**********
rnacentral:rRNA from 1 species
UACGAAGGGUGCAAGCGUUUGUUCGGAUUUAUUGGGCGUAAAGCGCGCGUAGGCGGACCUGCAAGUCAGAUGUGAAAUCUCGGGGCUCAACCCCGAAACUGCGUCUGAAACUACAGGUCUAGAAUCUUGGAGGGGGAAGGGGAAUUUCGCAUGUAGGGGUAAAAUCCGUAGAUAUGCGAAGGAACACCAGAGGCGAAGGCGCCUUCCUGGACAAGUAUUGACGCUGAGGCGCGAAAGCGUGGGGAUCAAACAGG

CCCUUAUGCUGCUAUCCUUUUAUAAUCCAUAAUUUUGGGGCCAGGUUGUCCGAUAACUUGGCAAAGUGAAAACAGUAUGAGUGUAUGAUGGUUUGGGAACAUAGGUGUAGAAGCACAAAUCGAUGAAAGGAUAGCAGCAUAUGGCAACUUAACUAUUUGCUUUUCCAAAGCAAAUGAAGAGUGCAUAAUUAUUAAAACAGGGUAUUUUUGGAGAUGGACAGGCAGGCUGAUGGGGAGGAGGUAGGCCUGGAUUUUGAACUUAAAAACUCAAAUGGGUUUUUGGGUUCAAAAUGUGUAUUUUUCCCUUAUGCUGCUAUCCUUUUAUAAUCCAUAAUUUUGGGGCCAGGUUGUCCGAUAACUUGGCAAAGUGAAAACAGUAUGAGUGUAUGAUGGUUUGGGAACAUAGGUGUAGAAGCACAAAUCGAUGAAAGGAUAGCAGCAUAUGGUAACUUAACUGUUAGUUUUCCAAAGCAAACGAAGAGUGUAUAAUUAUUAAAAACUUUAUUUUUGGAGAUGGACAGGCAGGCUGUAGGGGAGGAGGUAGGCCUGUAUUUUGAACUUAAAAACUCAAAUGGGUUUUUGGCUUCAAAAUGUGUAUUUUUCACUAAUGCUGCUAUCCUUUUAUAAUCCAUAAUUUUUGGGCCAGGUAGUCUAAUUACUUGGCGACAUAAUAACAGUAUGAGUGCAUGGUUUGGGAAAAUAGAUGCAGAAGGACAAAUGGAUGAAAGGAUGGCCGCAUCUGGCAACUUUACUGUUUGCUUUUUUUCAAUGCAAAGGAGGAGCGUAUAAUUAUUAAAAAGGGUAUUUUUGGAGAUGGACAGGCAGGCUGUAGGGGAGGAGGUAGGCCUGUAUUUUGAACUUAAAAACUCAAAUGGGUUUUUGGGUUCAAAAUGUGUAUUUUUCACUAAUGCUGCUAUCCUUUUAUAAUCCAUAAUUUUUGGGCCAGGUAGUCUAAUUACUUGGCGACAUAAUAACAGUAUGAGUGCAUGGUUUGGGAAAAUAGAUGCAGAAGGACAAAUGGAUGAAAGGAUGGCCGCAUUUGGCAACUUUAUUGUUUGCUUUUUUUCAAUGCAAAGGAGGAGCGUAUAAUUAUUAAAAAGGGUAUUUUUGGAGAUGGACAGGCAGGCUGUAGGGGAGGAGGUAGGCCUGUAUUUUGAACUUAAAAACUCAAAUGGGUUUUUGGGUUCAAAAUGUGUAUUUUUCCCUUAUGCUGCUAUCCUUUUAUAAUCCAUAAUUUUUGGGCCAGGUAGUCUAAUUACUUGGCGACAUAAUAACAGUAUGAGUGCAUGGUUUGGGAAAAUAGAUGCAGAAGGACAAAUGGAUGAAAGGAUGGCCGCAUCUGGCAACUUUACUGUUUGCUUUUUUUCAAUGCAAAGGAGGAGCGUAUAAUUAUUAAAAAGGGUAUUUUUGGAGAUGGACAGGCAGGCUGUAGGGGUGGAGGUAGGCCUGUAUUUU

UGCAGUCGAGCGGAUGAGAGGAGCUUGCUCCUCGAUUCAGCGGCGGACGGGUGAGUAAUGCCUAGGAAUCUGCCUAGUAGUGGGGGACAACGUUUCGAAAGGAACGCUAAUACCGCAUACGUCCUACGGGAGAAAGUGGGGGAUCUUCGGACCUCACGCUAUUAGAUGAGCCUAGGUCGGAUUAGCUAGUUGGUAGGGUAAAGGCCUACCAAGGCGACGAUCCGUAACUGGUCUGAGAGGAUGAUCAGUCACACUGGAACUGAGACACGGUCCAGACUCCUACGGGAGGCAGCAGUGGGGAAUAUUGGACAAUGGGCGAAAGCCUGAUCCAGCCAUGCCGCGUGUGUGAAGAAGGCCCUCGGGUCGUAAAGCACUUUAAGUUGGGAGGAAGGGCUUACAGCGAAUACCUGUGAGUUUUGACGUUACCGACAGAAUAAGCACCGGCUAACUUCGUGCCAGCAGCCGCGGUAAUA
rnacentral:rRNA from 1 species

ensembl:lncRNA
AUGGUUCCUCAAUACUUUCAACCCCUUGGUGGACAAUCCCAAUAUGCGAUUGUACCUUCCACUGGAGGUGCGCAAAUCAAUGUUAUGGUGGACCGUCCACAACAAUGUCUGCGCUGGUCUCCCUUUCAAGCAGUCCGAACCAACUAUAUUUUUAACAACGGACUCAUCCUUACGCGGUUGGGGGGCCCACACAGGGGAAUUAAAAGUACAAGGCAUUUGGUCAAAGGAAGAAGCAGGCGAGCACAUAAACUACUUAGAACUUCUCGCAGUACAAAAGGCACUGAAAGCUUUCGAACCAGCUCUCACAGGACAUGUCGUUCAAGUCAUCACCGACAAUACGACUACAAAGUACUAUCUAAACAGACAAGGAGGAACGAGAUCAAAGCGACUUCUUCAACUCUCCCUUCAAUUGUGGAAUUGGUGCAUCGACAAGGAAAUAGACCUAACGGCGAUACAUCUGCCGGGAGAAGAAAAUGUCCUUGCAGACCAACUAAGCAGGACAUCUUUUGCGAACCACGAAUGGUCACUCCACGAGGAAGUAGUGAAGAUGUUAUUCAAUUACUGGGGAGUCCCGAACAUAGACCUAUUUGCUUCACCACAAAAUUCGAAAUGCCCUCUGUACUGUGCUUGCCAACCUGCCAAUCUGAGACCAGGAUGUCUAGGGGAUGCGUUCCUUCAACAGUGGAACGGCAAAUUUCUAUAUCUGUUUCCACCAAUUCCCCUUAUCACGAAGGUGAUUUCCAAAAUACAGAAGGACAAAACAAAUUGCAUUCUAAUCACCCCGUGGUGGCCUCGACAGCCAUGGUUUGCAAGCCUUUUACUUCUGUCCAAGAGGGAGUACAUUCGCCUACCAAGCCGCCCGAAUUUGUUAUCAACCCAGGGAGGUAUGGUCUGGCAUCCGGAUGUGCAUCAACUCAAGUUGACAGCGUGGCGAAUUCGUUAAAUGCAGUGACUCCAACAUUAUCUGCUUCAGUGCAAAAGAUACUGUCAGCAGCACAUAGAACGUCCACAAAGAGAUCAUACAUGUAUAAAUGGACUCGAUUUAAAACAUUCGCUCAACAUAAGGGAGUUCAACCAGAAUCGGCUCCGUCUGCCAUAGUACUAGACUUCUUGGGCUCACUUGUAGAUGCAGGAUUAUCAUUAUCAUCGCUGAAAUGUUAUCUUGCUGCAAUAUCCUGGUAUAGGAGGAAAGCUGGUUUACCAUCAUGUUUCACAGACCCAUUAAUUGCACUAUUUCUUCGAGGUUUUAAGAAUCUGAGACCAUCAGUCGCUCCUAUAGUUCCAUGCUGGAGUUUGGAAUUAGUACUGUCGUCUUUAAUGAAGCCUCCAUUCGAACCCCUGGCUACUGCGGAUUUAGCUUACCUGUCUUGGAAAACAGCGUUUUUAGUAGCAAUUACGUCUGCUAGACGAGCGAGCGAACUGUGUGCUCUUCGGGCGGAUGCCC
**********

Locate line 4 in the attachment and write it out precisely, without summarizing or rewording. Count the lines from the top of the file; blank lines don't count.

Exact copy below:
UGCAGUCGAGCGGAUGAGAGGAGCUUGCUCCUCGAUUCAGCGGCGGACGGGUGAGUAAUGCCUAGGAAUCUGCCUAGUAGUGGGGGACAACGUUUCGAAAGGAACGCUAAUACCGCAUACGUCCUACGGGAGAAAGUGGGGGAUCUUCGGACCUCACGCUAUUAGAUGAGCCUAGGUCGGAUUAGCUAGUUGGUAGGGUAAAGGCCUACCAAGGCGACGAUCCGUAACUGGUCUGAGAGGAUGAUCAGUCACACUGGAACUGAGACACGGUCCAGACUCCUACGGGAGGCAGCAGUGGGGAAUAUUGGACAAUGGGCGAAAGCCUGAUCCAGCCAUGCCGCGUGUGUGAAGAAGGCCCUCGGGUCGUAAAGCACUUUAAGUUGGGAGGAAGGGCUUACAGCGAAUACCUGUGAGUUUUGACGUUACCGACAGAAUAAGCACCGGCUAACUUCGUGCCAGCAGCCGCGGUAAUA